The inlet box 6 may be removed to facilitate this much of the installation. Thereafter, additional sections 64 are placed on f the lower section 56 until the flue pipe 54 extends upwardly to la point at least midway between the lower edge of the vent housing 18 and the lower surface of the connecting pipe 28. The uppermost section 64 is then cut off at the proper height so that its end walls 60 f'it fully withing the grooves 86 on the` front and backwalls 72 and78 of the transition 70 when the nose portion 88 of the transition 70 is in alignment with the f-rear end of the outlet tube 28. Next the transition 70 is removed from the elbow 32 and its screws 84 are loosened so as'to free the backwall 78 for swinging movement. The end :walls 60 at the upper end of the upper section 64 are then ufitted into the grooves 86, and the screws 84 are tightened, Elthereby drawing the flanges 80 against the sidewalls 74 so as to hold the backwall 78 in the proper angular position. Once the backwall 78 is properly positioned, the transition 70 is again `'installed in elbow 32 and the various sections 50 of the intake 'ipipe 48 are fitted around the flue pipe 54 and fitted into engagement with the lip 7 on the inlet box 6 as well as with themthe height of the wall vent 16 above the heater 2 is selves. When the ceiling of the room kl0 is close to the wall vent 16, it may be necessary to install the lower section 56 of the flue pipe 54 first, and then the lower section 50 at the intake pipe 48. The upper sections 50-and 64 of the intake pipe 48 and flue pipe 54; respectively, may then be moved into position with the latter disposed within the former. After the intake pipe 48 is also cut to the proper length, the elbow 32 and transition 70 are installed as a unit onthe upper ends of the intake pipe 48 and the flue pipe 54, and the entire unit is shifted toward the vent 16 to bring the nose portions 44 and 88 into engagement with the vent housing 18 and the connect.- ing pipe 28, respectively. If desired the baffle plates 22 and 24, flue box 26, and outlet tube 28 may be removed as a unit from the exterior of the building to facilitate connection of the transition 70 and outlet tube 28.`

When the building structure permits, the conduit assembly 30 may be installed on the inlet box 6 and the housing 18 on the conduit assembly 30 while the heater 2 is laying on its side. After the foregoing components are connected, they may be raised to the uprightposition, care being taken to align the housing 18 with the hole 14 through the flanges 20.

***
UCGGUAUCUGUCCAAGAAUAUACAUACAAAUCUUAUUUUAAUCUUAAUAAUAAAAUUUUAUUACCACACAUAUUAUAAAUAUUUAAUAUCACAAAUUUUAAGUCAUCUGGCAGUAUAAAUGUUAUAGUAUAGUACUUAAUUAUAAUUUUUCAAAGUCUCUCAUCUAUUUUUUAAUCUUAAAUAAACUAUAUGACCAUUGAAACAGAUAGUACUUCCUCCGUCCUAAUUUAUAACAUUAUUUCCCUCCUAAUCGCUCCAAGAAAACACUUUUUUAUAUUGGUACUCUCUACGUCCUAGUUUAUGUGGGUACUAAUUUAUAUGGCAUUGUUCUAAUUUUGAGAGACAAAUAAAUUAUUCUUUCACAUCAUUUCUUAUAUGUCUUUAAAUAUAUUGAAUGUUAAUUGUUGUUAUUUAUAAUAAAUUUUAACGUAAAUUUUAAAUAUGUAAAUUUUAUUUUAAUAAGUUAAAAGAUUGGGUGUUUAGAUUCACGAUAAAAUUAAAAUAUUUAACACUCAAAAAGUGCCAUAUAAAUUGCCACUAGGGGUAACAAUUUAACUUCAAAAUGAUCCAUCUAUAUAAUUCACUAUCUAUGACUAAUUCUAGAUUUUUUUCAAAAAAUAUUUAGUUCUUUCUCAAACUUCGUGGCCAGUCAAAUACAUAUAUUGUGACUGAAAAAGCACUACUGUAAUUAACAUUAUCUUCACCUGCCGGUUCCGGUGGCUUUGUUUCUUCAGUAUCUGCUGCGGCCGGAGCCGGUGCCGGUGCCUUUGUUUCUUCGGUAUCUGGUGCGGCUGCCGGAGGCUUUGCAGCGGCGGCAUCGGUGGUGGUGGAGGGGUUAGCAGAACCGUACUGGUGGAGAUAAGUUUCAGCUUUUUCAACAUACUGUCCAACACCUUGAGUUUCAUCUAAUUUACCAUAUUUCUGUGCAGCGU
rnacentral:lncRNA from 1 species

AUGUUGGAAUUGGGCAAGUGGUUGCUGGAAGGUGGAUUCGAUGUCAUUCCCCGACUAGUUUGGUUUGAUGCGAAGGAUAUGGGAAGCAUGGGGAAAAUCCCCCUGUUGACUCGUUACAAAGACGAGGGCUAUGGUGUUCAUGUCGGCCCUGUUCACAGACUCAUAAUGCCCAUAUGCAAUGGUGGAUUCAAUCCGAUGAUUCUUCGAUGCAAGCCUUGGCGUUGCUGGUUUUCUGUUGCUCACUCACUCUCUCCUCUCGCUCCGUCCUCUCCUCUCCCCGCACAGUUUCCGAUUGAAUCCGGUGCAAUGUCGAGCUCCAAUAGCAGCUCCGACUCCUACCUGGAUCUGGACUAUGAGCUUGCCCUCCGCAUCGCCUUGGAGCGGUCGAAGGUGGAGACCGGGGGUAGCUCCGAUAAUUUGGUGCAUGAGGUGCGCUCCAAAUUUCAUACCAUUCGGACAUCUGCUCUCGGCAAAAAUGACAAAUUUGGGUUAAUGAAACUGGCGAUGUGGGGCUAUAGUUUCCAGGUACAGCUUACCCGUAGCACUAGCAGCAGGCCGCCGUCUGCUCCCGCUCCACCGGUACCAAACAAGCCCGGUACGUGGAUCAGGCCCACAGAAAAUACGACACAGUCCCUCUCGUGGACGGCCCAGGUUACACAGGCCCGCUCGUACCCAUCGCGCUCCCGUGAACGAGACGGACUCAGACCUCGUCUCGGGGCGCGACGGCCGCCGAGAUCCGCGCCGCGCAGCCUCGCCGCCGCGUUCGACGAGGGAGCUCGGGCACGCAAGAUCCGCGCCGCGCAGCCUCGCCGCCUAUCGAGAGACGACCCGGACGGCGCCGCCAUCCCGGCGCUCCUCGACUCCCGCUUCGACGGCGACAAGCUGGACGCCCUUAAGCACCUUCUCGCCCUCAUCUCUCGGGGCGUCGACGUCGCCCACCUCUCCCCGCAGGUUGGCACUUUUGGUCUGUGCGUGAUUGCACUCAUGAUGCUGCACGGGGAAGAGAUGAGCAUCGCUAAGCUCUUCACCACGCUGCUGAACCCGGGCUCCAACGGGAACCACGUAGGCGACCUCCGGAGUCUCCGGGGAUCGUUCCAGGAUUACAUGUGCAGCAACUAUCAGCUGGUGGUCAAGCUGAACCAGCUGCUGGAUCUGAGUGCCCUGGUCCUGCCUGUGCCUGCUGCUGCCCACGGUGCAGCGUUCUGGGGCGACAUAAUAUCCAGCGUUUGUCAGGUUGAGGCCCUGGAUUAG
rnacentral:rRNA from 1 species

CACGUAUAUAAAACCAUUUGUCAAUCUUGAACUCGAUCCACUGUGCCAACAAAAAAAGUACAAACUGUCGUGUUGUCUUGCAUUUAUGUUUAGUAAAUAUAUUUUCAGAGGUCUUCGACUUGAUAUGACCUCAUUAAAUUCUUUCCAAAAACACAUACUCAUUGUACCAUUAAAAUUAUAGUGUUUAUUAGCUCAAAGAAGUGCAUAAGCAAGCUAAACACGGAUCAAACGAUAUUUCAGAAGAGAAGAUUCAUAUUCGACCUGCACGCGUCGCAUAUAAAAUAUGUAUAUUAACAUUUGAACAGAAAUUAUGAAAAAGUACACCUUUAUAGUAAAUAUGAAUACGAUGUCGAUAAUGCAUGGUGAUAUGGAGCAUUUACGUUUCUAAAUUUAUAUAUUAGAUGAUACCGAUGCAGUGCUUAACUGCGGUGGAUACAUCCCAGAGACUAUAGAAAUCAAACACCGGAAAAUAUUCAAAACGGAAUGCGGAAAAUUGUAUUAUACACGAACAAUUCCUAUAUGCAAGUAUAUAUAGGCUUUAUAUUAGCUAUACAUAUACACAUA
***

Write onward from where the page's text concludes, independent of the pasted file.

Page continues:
Since the flue pipe 54 and transition 70 are completely contained withing the intake pipe 48 and the elbow 32, respectively, the chances of noxious flue gases escaping into the room l0 are reduced considerably in comparison to heaters having exposed flues. g

Furthermore, the tapered flue pipe 54 imposes a greater impediment to the flow of air through the conduit assembly 30, as its length is increased and this offsets the tendency for theair to flow at greater velocities through the pipes 48 and 54 diie -to the larger weight differential between the gases in the 'two columns. That weight differential of course, increases as the elbow 32 and transition 70 are raised. ln other words, the flue pipe `54 offers greater resistance per increment of length to the flow of flue gases through it at longer lengths than it does ,at shorter lengths.

inasmuch as the backwall 78 of the transition 70 caribe secured in different angles it will accept the tapered fluter-pipe 54 at any location along its length (FIG. 2) and, consequently, not critical from both an installation and an operational standpoint. Thus, the conduit assembly 30 is ideally suited for use in-below grade installations such as heating basement rooms which are non mally cooler than the remainder of the building.

ln lieu of passing the wall vent 16 through a hole 14..;iiifthe room wall 12, an elongated version lof it may be extended through a window in much the manner that a window-typel airconditioner is installed in a window.

Furthermore, optimum flow can also be achieved by kkother means such as by tapering the intake pipe inwardly towardiithe combustion chamber 4, byimposing bafflesA in the tluegpipeti or intake pipe 48, or by utilizing-stepped intake or flue-pipes.